Friday, April 28, 2017

Week 6 - Is being interconnected with technology dangerous?

Is being interconnected with technology dangerous?

We have all seen the Terminator films where Skynet, a highly advanced artificial intelligence system is made self-aware and creates Judgment Day through the interconnectivity of technology because it deems the human race dangerous. From this kind of thought, does being interconnected with dangerous make it dangerous for us?

In Lecture 6 of my Unit, the class was focused on the discussion of being interconnected with technology. It is obvious as the years pass us by just how advanced we are becoming due to the rise in technology. I still remember the days when internet was starting to rise, but we barely used it because it was so slow and there was not much need to be connected. I remember back when I was a child (1990 onwards) we had dial up for internet, a fat and bulky Panasonic television, and a thick computer monitor with large floppy disks with less than 2mb of storage. In the current year of 2017, we have fibre optic internet, 85-inch smart televisions, USB’s, and hard drives with over two terabytes of storage.

Our interconnectivity with technology now allows us to connect with the internet through many different ways such as a Smart TV, Blu-Ray Player, Xbox One, Playstation 2 as well as our smartphones and watches. In relation to how we interact with the internet, an issue arises with just how connected we are.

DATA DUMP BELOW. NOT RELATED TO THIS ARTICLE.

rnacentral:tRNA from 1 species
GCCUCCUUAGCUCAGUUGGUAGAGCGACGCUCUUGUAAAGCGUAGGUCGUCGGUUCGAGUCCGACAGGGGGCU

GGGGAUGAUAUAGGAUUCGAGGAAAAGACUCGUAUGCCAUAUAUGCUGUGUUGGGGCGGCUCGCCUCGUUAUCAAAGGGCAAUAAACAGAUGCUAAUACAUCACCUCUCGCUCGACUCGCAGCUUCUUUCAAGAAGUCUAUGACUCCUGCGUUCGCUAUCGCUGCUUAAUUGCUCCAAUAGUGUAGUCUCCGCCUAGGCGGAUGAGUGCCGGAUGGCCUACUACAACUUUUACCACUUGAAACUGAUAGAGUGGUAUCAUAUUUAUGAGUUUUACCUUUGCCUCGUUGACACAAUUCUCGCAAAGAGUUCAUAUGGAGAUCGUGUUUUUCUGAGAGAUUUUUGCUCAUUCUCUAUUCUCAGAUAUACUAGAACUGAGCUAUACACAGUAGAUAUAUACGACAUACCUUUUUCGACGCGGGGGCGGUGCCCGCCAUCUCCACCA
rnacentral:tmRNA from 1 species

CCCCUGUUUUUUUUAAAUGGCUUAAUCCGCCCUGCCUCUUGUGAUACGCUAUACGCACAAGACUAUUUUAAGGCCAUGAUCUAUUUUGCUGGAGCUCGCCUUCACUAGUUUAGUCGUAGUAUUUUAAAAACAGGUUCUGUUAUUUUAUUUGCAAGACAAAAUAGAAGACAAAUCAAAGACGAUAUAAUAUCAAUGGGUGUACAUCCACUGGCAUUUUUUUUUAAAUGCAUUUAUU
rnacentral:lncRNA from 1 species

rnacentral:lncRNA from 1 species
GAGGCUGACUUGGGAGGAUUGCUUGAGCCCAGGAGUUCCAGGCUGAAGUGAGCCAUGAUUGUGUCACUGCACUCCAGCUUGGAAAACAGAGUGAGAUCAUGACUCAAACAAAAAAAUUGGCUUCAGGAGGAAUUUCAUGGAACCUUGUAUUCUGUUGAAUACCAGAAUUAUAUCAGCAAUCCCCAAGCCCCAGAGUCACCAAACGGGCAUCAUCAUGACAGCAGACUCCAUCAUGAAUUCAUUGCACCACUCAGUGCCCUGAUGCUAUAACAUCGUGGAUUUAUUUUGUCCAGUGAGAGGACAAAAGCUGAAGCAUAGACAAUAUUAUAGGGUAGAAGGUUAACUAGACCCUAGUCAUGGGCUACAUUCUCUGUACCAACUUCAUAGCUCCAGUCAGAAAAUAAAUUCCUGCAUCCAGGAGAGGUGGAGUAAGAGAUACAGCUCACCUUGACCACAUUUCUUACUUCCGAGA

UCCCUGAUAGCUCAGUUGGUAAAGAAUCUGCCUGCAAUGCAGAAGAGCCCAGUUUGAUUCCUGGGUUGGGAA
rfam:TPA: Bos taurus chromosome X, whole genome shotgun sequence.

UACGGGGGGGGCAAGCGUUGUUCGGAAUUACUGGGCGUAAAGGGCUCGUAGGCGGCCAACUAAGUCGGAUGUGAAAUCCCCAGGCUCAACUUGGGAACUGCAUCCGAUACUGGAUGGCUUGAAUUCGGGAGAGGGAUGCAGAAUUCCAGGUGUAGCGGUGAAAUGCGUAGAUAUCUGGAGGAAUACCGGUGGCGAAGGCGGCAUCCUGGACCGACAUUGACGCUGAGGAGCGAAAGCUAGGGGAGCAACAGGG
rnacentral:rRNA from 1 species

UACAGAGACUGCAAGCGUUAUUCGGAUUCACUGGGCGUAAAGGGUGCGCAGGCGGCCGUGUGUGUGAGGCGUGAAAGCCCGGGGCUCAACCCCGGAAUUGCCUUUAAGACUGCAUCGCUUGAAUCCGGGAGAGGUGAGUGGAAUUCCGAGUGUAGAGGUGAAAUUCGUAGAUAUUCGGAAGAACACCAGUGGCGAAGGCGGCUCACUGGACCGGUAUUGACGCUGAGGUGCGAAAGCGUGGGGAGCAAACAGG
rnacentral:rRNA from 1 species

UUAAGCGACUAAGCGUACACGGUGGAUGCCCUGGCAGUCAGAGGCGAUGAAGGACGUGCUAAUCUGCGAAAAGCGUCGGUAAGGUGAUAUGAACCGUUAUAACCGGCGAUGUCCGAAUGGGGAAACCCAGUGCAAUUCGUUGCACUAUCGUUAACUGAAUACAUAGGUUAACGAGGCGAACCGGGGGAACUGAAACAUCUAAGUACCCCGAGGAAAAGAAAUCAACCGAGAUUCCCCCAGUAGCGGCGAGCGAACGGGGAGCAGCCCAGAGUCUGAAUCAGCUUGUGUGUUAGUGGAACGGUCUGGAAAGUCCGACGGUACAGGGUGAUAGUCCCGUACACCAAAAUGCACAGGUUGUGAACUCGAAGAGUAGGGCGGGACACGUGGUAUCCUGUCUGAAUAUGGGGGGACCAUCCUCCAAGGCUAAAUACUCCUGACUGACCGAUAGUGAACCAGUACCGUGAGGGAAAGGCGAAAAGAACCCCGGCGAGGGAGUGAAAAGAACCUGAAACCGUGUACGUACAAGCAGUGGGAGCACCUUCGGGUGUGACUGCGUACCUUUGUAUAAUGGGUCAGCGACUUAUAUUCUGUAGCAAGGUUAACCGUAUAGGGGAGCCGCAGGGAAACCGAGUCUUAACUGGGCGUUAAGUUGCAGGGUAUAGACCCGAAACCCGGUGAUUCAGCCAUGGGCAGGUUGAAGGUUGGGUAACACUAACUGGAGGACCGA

A discussion from John Palfrey sums up a list of perils because of interconnected systems. He states “Security and privacy risks are the most common problems that flow from unchecked levels of interoperability (Palfrey 2012).” As this is the main issue of my post, I agree with Palfrey that security and privacy are a big issue. Being interconnected can create a domino effect of problems, especially when it comes to the internet. Imagine using the internet on your phone to log into Facebook, but you also use your laptop to connect to Facebook as well as connecting through the Smart TV to Facebook. If the owner of the phone was still connected to the social media platform and it was stolen, thieves would be able to access personal information. The same situation using applications for bank accounts such as Netbank for Commonwealth Bank.

According to the ISACA, “Processes have to be designed, developed, implemented and utilised (ISACA 2010, p. 36).” In a world where our technology always changes, it has to be made first in order for change to occur. This is a risk to users who are interconnected through various technologies, it is up to us to determine just how secure and private we want to be when it comes to being interconnected with technology.

List of References:

Palfrey, J. (2012). The Perils of Highly Interconnected Systems. MIT Technology Review. [online] Available at: https://www.technologyreview.com/s/428657/the-perils-of-highly-interconnected-systems/ [Accessed 27 Apr. 2017].


ISACA (2010). The Business Model for Information Security. 1st ed. [ebook] United States of America: ISACA, p.36. Available at: https://books.google.com.au/books?id=Cv_Jq_23iEsC&pg=PA35&dq=interconnectivity+technology+security&hl=en&sa=X&ved=0ahUKEwiqueetwcXTAhXOFsAKHQV_AdwQ6AEIJjAA#v=onepage&q=interconnectivity%20technology%20security&f=false [Accessed 27 Apr. 2017].

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